Updated: Oct 8, 2019
Each of us consumes some of the Earth’s products and services every day. How much we take depends on the ways in which we satisfy our needs and wants — the many habits that together create our lifestyles.
We can get a better sense of what these habits are by asking questions akin to the following: How much water do I use on a typical day? What do I eat and how much do I eat? How much food do I waste? How do I transport myself and how far do I go? How much clothing and footwear do I have and how often do I replace it? What and how much stuff do I buy? How much energy and materials are required to keep me dry and warm/cool? How much trash do I produce? How much land and energy is used for my recreational activities?
The Ecological Footprint: An Access Point to Sustainability
Our answers to these questions reflect the demand that each of us places on nature. In the 1990s, sustainability gurus Mathis Wackernagel and Bill Rees coined the term ecological footprint to refer to the load or demand that we place on the Earth’s resources. An ecological footprint is a measure of how much of the Earth’s biologically productive land and water is needed to produce our food, material goods, and energy, and to absorb our waste.
"Ecological footprint analyses help to elicit curiosity, enthusiasm, and genuine interest in taking action to reduce the demand each of us places on nature."
The concept that we all have the ecological footprint serves as an effective way to introduce children to environmental and sustainability issues in the context of their own lives. Calculating your ecological footprint is quite simple to do, and it serves as an ideal entry point for learning. By bringing the concept of sustainability to life on an individual scale, it also helps learners to connect their choices as consumers to the environmental impacts.
Sustainability: A Complex, Messy Problem
Solving sustainability problems in the real-world is a complex, messy and multi-faceted challenge (sometimes termed a complex “wicked” problem to illustrate just how complicated it is). As a consequence, there’s a risk of putting young people off engaging in sustainability issues precisely because of the complexity involved.
Ecological footprint analyses help to elicit curiosity, enthusiasm, and genuine interest in taking action to reduce the demand each of us places on nature. In addition, by opening up a gateway to exploring sustainability in greater depth, the concept of the ecological footprint highlights the important point that our choices – and hence we, ourselves – can make a difference.
Calculating Your Ecological Footprint
A variety of ecological footprint calculators exist. One of the most reliable and easy-to-use analysis tools is by the Global Footprint Network. This footprint calculator helps you to estimate how many planets we would need if everybody lives like you and the date of your personal Overshoot Day. In addition, it calculates your ecological footprint (in global hectares) and your carbon footprint (in tonnes of CO2 per year). Based on your current lifestyle, it also helps you identify possible ways you could reduce your environmental impact on the planet.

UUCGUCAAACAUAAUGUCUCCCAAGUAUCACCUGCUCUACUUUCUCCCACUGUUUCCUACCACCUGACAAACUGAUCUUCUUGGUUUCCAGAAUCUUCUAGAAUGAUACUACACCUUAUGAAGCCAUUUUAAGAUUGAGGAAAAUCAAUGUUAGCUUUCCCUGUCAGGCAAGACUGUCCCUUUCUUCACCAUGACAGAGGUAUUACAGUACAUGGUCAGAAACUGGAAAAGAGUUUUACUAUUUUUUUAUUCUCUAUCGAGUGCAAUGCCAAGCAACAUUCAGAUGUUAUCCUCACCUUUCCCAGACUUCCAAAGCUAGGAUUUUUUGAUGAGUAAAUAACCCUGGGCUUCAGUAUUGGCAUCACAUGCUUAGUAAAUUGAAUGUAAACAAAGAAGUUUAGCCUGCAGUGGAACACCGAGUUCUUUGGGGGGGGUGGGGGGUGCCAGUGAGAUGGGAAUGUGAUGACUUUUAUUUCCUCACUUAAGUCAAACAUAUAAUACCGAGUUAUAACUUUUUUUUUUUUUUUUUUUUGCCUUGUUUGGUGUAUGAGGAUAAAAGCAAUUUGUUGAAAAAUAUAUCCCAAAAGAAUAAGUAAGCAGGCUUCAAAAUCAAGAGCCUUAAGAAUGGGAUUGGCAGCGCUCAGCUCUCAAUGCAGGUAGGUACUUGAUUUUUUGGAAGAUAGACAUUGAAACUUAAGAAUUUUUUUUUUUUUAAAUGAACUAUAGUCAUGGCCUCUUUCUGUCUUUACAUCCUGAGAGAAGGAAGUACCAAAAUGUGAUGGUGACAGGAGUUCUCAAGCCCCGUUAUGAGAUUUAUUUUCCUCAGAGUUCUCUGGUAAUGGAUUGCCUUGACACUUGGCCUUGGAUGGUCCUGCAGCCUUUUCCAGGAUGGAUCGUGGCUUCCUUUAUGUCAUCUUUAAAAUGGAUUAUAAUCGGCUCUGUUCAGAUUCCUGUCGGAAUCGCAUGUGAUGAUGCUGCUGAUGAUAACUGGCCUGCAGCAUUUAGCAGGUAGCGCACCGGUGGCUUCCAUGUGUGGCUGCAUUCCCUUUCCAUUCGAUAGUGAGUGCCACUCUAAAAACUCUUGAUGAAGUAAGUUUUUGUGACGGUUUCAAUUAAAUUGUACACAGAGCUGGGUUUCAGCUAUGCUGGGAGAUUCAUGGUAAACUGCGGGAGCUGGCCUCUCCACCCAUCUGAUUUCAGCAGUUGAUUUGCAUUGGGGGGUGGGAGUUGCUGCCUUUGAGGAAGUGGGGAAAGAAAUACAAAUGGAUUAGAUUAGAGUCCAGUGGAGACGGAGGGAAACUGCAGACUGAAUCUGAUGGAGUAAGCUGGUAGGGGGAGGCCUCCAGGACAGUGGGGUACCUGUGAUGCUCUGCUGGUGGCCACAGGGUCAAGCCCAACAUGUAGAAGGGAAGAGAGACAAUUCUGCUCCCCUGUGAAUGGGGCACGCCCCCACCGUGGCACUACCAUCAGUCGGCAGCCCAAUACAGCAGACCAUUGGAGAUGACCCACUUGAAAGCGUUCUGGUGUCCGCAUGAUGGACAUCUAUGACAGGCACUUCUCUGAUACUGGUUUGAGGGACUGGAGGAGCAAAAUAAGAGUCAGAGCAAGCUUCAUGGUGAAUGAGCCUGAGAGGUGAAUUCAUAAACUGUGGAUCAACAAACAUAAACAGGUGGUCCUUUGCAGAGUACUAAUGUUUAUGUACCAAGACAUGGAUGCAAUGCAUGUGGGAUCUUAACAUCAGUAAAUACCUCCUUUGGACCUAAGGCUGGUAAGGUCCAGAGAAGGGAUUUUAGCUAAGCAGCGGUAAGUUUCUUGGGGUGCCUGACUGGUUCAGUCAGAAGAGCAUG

"Calculating your ecological footprint is quite simple to do, and it serves as an ideal entry point for learning. By bringing the concept of sustainability to life on an individual scale, it also helps learners to connect their choices as consumers to the environmental impacts."
Vitally, ecological footprint calculators are not designed to shame people into changing their lifestyles. Instead, they bring the topic of sustainability to life through personal experience and help learners identify risks and opportunities for change. Facilitating a lesson on ecological footprints with children is a powerful learning tool and entry point to sustainability as a whole. But don’t forget: the key is to educate and not advocate for change. The skill of an effective educator is to gently lead students through the learning process and enable them to draw their own conclusions.
A Sustainable Future: Imagining Desired Outcomes
If the ecological footprint tells us something about the current situation – helping us to assess the scale of impacts today – the next step in the journey is for students to envisage a desired outcome. It is perhaps fair to assume that most people would prefer to live in a more sustainable society – one where people support each other and where resources are managed sustainably and distributed equitably.
Getting students to focus on “what we want” by creating a vision of desirable futures and charting a path (individually or collectively) to get there is a powerful learning exercise in sustainability education. There are many methods and techniques for eliciting desired futures, including predictive modeling and scenario building.
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